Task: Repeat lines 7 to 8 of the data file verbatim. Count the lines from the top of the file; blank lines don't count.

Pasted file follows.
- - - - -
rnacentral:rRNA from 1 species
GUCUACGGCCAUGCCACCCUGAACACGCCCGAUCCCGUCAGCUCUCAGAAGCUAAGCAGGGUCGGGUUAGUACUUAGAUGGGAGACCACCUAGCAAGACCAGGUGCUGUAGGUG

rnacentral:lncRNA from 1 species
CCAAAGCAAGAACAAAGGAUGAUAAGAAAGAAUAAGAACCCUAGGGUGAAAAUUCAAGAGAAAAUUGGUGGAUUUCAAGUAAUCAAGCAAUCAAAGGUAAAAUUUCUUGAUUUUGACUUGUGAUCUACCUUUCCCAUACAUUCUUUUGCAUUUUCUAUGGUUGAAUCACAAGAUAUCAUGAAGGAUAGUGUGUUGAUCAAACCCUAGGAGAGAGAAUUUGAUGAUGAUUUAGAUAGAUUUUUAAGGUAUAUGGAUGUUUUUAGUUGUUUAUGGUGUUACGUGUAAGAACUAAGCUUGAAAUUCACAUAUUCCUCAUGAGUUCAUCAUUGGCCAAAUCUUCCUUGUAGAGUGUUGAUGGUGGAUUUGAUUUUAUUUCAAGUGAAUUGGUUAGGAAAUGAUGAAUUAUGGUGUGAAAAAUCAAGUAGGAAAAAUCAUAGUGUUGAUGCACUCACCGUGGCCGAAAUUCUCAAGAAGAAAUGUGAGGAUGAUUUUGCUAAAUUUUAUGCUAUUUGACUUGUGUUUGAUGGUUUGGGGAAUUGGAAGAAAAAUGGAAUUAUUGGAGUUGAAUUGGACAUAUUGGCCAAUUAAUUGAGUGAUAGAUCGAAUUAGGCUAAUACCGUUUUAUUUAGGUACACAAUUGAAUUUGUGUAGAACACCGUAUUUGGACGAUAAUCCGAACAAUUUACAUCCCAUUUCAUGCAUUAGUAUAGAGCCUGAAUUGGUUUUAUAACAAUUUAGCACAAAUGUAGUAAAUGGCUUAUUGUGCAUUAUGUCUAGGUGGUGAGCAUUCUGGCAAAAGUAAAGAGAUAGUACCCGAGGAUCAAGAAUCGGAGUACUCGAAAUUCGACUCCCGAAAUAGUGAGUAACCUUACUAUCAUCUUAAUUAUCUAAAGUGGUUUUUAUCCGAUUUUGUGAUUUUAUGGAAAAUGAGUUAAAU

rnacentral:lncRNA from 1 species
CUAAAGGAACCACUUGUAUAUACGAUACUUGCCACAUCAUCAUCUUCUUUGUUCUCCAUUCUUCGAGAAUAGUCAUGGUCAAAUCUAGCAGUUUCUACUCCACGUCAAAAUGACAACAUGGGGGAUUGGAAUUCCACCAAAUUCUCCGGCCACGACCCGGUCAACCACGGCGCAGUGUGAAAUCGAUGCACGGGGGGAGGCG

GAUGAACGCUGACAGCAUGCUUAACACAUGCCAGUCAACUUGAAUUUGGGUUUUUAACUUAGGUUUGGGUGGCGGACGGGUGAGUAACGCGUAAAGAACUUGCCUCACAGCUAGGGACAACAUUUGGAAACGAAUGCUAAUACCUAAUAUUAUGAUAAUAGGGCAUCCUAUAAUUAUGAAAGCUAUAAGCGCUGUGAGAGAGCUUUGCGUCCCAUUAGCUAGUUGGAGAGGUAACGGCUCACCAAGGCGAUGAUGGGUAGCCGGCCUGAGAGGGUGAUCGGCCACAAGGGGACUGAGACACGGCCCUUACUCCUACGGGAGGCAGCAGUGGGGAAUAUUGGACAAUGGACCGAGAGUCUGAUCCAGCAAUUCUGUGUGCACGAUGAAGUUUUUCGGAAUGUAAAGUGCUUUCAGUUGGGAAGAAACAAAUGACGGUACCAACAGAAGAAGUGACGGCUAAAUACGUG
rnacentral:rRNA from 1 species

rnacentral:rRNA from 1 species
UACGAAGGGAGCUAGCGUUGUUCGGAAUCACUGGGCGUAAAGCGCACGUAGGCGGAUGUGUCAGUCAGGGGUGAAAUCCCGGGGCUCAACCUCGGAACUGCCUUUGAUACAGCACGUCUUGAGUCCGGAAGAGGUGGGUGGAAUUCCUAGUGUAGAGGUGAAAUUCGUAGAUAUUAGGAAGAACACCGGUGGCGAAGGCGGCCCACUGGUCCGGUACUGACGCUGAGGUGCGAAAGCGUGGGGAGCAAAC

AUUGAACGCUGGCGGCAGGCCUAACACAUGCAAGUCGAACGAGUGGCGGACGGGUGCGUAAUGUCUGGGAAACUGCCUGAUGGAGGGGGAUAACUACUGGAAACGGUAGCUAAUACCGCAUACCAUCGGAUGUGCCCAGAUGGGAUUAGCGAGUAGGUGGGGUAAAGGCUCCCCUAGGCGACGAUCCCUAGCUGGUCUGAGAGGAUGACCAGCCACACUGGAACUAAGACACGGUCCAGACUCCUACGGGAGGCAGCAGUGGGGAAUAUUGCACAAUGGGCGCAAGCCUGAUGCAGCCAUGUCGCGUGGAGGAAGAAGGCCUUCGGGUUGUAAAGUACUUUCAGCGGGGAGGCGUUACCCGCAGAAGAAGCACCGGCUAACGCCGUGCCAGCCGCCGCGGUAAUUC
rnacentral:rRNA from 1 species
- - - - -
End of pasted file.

GAUGAACGCUGACAGCAUGCUUAACACAUGCCAGUCAACUUGAAUUUGGGUUUUUAACUUAGGUUUGGGUGGCGGACGGGUGAGUAACGCGUAAAGAACUUGCCUCACAGCUAGGGACAACAUUUGGAAACGAAUGCUAAUACCUAAUAUUAUGAUAAUAGGGCAUCCUAUAAUUAUGAAAGCUAUAAGCGCUGUGAGAGAGCUUUGCGUCCCAUUAGCUAGUUGGAGAGGUAACGGCUCACCAAGGCGAUGAUGGGUAGCCGGCCUGAGAGGGUGAUCGGCCACAAGGGGACUGAGACACGGCCCUUACUCCUACGGGAGGCAGCAGUGGGGAAUAUUGGACAAUGGACCGAGAGUCUGAUCCAGCAAUUCUGUGUGCACGAUGAAGUUUUUCGGAAUGUAAAGUGCUUUCAGUUGGGAAGAAACAAAUGACGGUACCAACAGAAGAAGUGACGGCUAAAUACGUG
rnacentral:rRNA from 1 species